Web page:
convinced of it. I had never read Longfellow before now, but I’m blown away by
the beauty and wildness of Henry Wadsworth Longfellow’s Evangeline. Let me compare the opening lines of The Song of Amergin as translated by
Michael R. Burch with the opening lines of Evangeline.
“I am the sea breeze
I am the ocean wave
I am the surf’s thunder
I am the stag of the seven times
I am the cliff hawk
I am the sunlit dewdrop
I am the fairest flower
I am the rampaging boar
I am the swift-swimming salmon
I am the placid lake
I am the excellence of art
I am the vale echoing voices
I am the battle-hardened spearhead
I am the God who gave you fire
Who knows the secrets of the unhewn dolmen
Who understands the cycles of the moon
Who knows where the sunset settles …” Amergin/Burch
“This is the forest primeval. The murmuring pines and the hemlocks,
Bearded with moss, and in garments green, indistinct in the twilight,
Stand like Druids of eld, with voices sad and prophetic,
Stand like harpers hoar, with beards that rest on their bosoms.
Loud from its rocky caverns, the deep-voiced neighboring ocean
Speaks, and in accents disconsolate answers the wail of the forest.” Longfellow
Be still my heart. I so love a poet who loves nature. When I challenged myself to read a classic a month, I had no idea what I was getting into. I started Homer’s The Iliad, but that was way more than I could chew on so I moved to Longfellow, and in him I have found a friend. Interestingly, Evangeline is written in the same poetic style (dactylic hexameter for those who care about such details) as Homer. While I struggled with every line of The Iliad that I read, Evangeline flowed effortlessly for me.
If you have ever been to Cape Breton, you immediately recognize the sense of place that Longfellow writes about so beautifully.
“In the Acadian land, on the shores of the Basin of Minas,
Distant, secluded, still, the little village of Grand-Pré
Lay in the fruitful valley. Vast meadows stretched to the
Giving the village its name, and pasture to flocks without
Dikes, that the hands of the farmers had raised with labor
Shut out the turbulent tides; but at stated seasons the
Opened, and welcomed the sea to wander at will o’er the meadows.
West and south there were fields of flax, and orchards and
Spreading afar and unfenced o’er the plain; and away to the
Blomidon rose, and the forests old, and aloft on the mountains
Sea-fogs pitched their tents, and mists from the mighty Atlantic
Looked on the happy valley, but ne’er from their station
There, in the midst of its farms, reposed the Acadian village.
Strongly built were the houses, with frames of oak and of
Such as the peasants of Normandy built in the reign of the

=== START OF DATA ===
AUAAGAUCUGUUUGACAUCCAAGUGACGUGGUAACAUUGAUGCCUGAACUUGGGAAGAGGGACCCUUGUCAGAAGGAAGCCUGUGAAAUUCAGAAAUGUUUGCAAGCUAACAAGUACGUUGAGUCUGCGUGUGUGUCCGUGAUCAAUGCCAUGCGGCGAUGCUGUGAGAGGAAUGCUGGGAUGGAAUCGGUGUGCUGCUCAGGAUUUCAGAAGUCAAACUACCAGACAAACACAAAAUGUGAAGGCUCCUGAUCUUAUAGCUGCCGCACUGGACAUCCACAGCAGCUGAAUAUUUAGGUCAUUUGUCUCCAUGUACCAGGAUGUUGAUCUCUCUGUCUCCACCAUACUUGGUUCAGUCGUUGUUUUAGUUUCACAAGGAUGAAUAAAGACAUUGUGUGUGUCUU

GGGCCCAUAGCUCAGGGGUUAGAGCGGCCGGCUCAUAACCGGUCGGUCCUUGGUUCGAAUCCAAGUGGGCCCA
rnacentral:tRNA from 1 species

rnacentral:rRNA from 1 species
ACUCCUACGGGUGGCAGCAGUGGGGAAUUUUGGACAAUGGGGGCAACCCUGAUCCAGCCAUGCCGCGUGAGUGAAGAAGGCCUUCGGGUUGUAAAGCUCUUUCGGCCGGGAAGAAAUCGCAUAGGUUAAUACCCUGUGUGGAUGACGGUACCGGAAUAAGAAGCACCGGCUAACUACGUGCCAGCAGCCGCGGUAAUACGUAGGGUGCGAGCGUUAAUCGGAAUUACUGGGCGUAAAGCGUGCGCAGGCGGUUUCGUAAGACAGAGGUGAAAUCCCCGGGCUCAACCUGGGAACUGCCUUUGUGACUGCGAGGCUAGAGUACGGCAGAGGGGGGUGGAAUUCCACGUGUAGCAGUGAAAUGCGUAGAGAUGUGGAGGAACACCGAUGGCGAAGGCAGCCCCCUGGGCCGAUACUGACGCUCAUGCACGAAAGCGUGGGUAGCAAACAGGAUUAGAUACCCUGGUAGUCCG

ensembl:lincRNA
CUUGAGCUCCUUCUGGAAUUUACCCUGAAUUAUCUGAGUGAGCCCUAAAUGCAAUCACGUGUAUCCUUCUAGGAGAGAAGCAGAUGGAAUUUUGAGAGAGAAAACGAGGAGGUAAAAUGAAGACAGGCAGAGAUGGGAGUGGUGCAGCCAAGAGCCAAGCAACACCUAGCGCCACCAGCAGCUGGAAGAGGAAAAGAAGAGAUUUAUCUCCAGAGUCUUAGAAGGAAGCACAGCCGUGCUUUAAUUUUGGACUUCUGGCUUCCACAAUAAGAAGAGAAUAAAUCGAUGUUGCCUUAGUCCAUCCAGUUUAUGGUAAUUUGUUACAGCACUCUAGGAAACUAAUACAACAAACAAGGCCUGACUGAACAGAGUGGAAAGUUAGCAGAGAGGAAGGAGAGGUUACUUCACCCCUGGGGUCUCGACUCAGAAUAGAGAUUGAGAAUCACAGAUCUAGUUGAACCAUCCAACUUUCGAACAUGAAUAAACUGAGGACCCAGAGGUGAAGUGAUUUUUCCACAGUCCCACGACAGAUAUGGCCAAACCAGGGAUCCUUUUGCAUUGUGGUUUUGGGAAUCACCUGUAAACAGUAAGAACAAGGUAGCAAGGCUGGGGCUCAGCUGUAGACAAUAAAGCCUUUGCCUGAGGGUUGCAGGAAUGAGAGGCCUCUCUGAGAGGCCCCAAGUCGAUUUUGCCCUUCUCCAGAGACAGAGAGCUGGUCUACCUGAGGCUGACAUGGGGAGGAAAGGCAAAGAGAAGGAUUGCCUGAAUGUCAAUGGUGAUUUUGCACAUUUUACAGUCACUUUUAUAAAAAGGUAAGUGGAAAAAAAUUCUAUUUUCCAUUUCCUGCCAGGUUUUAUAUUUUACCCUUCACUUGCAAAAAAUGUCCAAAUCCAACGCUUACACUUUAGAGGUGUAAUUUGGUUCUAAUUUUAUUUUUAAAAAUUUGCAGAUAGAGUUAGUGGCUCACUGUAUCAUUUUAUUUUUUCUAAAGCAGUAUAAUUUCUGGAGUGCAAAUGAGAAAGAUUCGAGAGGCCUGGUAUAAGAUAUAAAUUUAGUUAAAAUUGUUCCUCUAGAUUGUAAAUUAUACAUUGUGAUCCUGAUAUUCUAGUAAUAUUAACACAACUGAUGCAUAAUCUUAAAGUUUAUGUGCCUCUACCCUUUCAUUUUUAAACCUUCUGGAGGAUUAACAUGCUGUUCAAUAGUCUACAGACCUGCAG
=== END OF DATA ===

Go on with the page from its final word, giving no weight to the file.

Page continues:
Henry lived a life in Academia, first as a pupil at Bowdoin College in Maine and then at Harvard, after a season of European travel. But it is clear from his writing that he spent time under the stars, by the sea and leaning against the trunks of trees, listening to leaf song.
Reading Evangeline has caused me to wonder—what makes a druid? Is it the religious path they walk, in observance of the seasons, honoring the Great Mother and The Green Man? Is it membership into an order or society? Or, is it the spiritual way in which they see the world and experience it through the eyes of the heart?
I am inclined to believe the latter. And, if not a bona fide member of the Order of Druids, I know Longfellow at least gave credence to the esteemed members of the community. See here, what he writes…
“Near to the bank of the river, o’ershadowed by oaks, from whose branches
Garlands of Spanish moss and mystic mistletoe flaunted,
Such as the Druids cut down with golden hatchets at Yule-tide.”
I followed Evangeline with The Song of Hiawatha, an epic poem written in trochaic tetrameter (also for those who care about such things). Equally as nature-focused and beautiful, it is a story near and dear to my heart because of my great love of the Lakota people, history and culture. A little research taught me that this particular poem did come from a connection with an Ojibway chief who was a friend of Longfellow’s and often a guest at his home.
I cannot find anything to suggest that Longfellow met druids in his travels around Europe but it is clear that in spite of his Congregationalist upbringing in Portland, Maine, his spiritual sense floated beyond the confines of Christian theology. If not a druid, he became the next best thing at the time- A Unitarian [tic].
Religiosity aside, Longfellow’s writing is just plain gorgeous. I learn something from every author and poet I read. From my new friend, Longfellow, I am reminded that I must tap into my druid heart more often in writing. If we are meant to write what we love to read, then I accept a term as student of Henry W. Longfellow and like-minded poets and authors of his century and ilk. It can only make modern novels and poetry more exciting, more moving and more joyous to read.
- Longfellow, Henry Wadsworth. “Evangeline.” The Poems of Henry Wadsworth Longfellow. Ed. Walter J. Black. Roslyn, NY; Black’s Readers Service Company. 1982
- Henry Wadsworth Longfellow. A Maine Historical Society Web Site..https://www.hwlongfellow.org/ Copyright 2005-2012.
- Henry Wadsworth Longfellow. Bible Study Tools. https://www.biblestudytools.com/classics/strong-american-poets-and-their-theology/henry-wadsworth-longfellow.html Copyright 2020.
- Evangeline. Wikipedia [Online] https://en.wikipedia.org/wiki/Evangeline. Last edited 1/21/20.
- The Song of Hiawatha. Wikipedia [Online] https://en.wikipedia.org/wiki/The_Song_of_Hiawatha Last edited 11/17/19.
- Burch, Michael. The HyperTexts.com [Online] http://www.thehypertexts.com/Song%20of%20Amergin%20Modern%20English%20Translation.htm